This week in tax: Dow TP case goes to Canada’s Supreme Court
Dow Chemical Canada is taking a transfer pricing dispute to the highest court, while China is reportedly marginalising the ‘big four’ auditors.
The Supreme Court of Canada granted an appeal application by Dow Chemical Canada, a subsidiary of the US chemical company, in a transfer pricing dispute yesterday, February 23.
Dow Chemical is appealing the April 2022 ruling of the Federal Court of Appeal that supported the Canada Revenue Agency’s (CRA) choice of tribunal for the TP dispute. The company wanted to secure a hearing at the Tax Court of Canada, but the appeal court ruled against it.
This question of jurisdiction affects whether Dow Chemical may be able to secure a downward TP adjustment. The case dates to 2006, when the Canadian arm made an additional $307 million through inter-company transactions with Dow Europe (DowEur), a Swiss operating company, according to the CRA.
Dow Chemical Canada served a notice of objection in response, but the CRA proposed an increase in the interest expense claimed by the Canadian subsidiary for loans received from DowEur in 2006 and 2007.
The company has been fighting the reassessments since 2013 after the Canadian government rejected its request for another assessment to reduce the income from the interest expense paid to DowEur.
Dow Chemical Canada took its case to the Tax Court arguing that the assessment was incorrect, but the Canadian government said it had to be challenged at the Federal Court. Now, the company has taken its case to the Supreme Court.
Chinese state companies told to drop ‘big four’ auditors
Chinese state-owned companies are reportedly being urged by the government to drop audit contracts with Deloitte, EY, KPMG and PwC.
The Chinese government has reportedly told state-owned companies to let contracts with the ‘big four’ accounting firms to expire, according to a Bloomberg report on Wednesday, February 22.
Approximately 60 public and private-sector companies based in China and Hong Kong SAR have changed auditors since September 2022, according to Bloomberg. However, a further 80 businesses based in Shanghai and Shenzhen have switched advisers since December.
China has been reluctant in the past to allow foreign authorities to access domestic company data owing to national security concerns. However, the Chinese government reached a deal with the US in 2022 to allow regulators to inspect Chinese company documents in Hong Kong.
Many of the contracts are going to smaller and local audit firms, though Chinese-owned subsidiaries located offshore may continue to use the big four. These smaller auditors include RSM China, Moore Global and Pan-China Certified Public Accountants.
Deloitte, EY, KPMG and PwC, which earned Y20.6 billion ($3 billion) from Chinese contracts in 2021, have not commented publicly on the news.
BT Group warns against UK corporate tax rise
Telecoms company BT Group has joined a growing number of voices calling for the UK government to cancel its planned corporate tax increase in the upcoming spring budget on March 15.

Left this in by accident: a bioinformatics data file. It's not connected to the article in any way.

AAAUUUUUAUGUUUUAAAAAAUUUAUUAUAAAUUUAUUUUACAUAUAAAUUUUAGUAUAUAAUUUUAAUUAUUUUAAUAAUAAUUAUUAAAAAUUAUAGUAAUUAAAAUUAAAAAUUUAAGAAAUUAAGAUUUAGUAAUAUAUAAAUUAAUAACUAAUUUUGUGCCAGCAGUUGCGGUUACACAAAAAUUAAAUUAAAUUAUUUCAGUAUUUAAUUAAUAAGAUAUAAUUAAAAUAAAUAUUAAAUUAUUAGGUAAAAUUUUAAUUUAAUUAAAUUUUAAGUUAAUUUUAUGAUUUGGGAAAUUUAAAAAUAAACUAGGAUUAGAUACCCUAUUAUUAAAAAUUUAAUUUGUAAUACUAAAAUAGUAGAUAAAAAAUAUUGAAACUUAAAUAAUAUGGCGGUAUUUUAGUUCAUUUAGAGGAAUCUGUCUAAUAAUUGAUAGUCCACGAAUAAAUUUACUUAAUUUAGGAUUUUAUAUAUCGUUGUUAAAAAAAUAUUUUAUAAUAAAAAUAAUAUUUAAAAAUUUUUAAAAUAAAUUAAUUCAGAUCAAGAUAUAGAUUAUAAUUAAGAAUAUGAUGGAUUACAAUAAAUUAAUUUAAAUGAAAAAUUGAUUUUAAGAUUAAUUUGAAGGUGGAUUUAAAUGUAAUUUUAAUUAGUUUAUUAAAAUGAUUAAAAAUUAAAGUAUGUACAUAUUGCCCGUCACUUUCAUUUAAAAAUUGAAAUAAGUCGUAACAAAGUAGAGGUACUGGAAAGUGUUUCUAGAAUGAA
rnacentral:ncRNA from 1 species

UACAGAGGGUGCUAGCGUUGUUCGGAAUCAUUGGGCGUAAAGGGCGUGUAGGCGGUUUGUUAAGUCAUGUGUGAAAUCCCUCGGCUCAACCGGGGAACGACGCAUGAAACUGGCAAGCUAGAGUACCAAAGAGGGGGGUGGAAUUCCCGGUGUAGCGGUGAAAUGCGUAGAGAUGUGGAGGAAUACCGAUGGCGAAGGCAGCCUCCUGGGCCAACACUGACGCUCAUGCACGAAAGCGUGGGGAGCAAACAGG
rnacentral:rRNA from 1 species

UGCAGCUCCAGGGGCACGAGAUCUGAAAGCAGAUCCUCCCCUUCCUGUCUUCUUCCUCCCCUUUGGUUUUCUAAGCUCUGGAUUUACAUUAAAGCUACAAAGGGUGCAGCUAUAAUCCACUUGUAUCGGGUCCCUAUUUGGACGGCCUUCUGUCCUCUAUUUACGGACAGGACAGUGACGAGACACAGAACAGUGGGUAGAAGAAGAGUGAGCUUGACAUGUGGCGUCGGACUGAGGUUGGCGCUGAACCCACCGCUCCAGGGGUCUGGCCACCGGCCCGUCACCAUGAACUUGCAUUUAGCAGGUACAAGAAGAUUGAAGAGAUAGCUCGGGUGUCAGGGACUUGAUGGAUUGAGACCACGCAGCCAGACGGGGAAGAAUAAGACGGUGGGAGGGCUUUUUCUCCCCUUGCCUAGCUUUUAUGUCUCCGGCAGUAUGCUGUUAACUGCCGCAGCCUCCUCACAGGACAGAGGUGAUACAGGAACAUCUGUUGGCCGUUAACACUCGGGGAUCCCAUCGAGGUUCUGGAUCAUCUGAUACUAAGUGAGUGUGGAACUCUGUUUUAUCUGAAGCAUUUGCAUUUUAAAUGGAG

The UK is set to raise corporate tax from 19% to 25% in April and Chancellor Jeremy Hunt shows no sign of backing down ahead of the budget.
BT Group CFO Simon Lowth has warned against the corporate tax increase on the grounds that it will make the UK less competitive and this will hold back productivity.
“Productivity growth is stubbornly low and although not just a UK problem, does mean that some of our international competitors are starting to outpace us,” said Lowth in an interview in The Telegraph on Wednesday, February 22.
“Business investment has also been poor; a problem because it’s one of the key ways of helping the UK to break the cycle of low growth,” he added.
The UK government is set to introduce a minimum effective corporate rate of 15% by 2025 and this will put a floor under tax planning. As a result, UK companies will face a higher effective rate and not just a higher headline level of corporate tax.
Iberdrola launches court battle against Spanish windfall tax
Spanish energy company Iberdrola is challenging Spain’s windfall tax at the National High Court on the grounds that the levy is “discriminatory”.
Iberdrola CEO Ignacio Galán said the company had taken legal action to defend the interests of its shareholders, the FT reported on Wednesday, February 22.
The energy windfall tax applies to utility companies, as well as oil and gas groups, with revenues of more than €1 billion ($1 billion) in 2019. Iberdrola has paid €100 million in windfall tax so far in 2023, but Galán argued that this 1.2% levy does not account for profits and losses.
Iberdrola reported revenue of €54 billion in 2022, up from €39 billion in 2021. The company has seen strong growth in Brazil and the US in particular. However, Galan stressed that the company made 19% less profit in Spain in 2022 than the previous year.
The Spanish government has introduced windfall taxes on energy and finance in response to the cost-of-living crisis, particularly the rise of energy costs and inflation. Financial institutions Santander and BBVA have also decided to take on the windfall levy targeted at the financial services industry.
Next week in ITR
ITR will be following up on the Dow case with greater analysis of the implications for multinational companies doing business in Canada. We will also be exploring the reasons why China might be marginalising the big four and what this means for the accounting industry.
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